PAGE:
The theory of the prosecution was that the defendant set fire to the premises in order to enable Miss Williams to collect on her policy of insurance. Evidence was introduced showing a close and strong friendship between defendant and Miss Williams. On the subject of the fire itself two painters, who were at work painting on the third floor of the building, testified that the defendant was there as late as 12:45 P. M., which was shortly before the discovery of the fire, although defendant claimed that he left there an hour earlier. Another witness who knew the defendant testified that when the fire-engines and other fire apparatus were being hurried to the scene of the fire, the defendant was at a point within two blocks of the place and going away from it. The defendant on the other hand testified that at that time and for half an hour prior thereto he was a mile away, taking luncheon with Miss Williams and another woman. When Miss Williams insured the furniture and equipment of the school originally and again when she increased the amount of her policy, the defendant was present and took an active part in the transactions; yet after the fire he disclaimed to the fire marshal having any knowledge at all on the subject of her insurance, and in an investigation into the origin of the fire, the defendant, in order to account for his whereabouts from the time he claimed to have left the building until he arrived at Larkin and Ellis streets for luncheon, stated that he had an engagement with one W. F. Berrill, and that he walked to the place of appointment at Seventh and Howard streets, and failing to find Berrill that he walked from there to Larkin and Ellis streets. Berrill, however, testified that he had no engagement with the defendant on that day. Other circumstances in the case pointing to the guilt of the defendant are that although it was desired that the painted portions of the third story should dry as quickly as possible, so that a session of school might be held on Tuesday, February 23d, the defendant, against the advice of the painters, ordered the window curtains drawn, the windows left open six inches from the bottom, the inner doors open and the outer doors locked. Immediately after the fire a certain book was found on the defendant's desk, with a leaf turned down at a part of the book entitled, "How to collect insurance."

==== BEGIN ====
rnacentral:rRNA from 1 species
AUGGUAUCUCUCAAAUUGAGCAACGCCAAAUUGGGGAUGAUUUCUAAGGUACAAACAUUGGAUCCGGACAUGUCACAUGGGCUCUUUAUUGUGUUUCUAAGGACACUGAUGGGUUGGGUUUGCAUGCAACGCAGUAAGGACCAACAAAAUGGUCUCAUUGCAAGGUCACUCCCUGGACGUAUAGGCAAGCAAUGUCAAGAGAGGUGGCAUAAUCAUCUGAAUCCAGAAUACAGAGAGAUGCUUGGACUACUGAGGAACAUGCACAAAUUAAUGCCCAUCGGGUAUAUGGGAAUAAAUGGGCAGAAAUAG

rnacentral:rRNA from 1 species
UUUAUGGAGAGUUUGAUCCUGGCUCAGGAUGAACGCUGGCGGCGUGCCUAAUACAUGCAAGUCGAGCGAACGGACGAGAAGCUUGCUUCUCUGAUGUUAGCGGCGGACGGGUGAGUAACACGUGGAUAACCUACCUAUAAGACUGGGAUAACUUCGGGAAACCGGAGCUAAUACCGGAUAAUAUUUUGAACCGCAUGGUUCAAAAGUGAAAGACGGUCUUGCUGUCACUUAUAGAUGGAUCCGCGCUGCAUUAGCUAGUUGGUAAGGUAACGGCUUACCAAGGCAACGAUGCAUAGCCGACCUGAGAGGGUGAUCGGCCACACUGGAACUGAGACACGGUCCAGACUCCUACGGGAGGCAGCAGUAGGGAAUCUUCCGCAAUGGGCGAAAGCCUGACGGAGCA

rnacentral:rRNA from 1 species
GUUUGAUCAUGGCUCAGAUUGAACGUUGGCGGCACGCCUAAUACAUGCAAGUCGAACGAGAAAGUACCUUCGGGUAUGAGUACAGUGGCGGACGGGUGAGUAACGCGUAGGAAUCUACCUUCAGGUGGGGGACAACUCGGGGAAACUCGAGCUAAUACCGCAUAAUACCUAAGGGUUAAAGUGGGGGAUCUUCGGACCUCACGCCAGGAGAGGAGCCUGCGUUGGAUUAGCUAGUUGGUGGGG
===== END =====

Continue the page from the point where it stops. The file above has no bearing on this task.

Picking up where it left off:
The evidence is wholly circumstantial, and while it appears from a reading of the entire record that the case is a close one, nevertheless, we think that it is sufficient to sustain the verdict.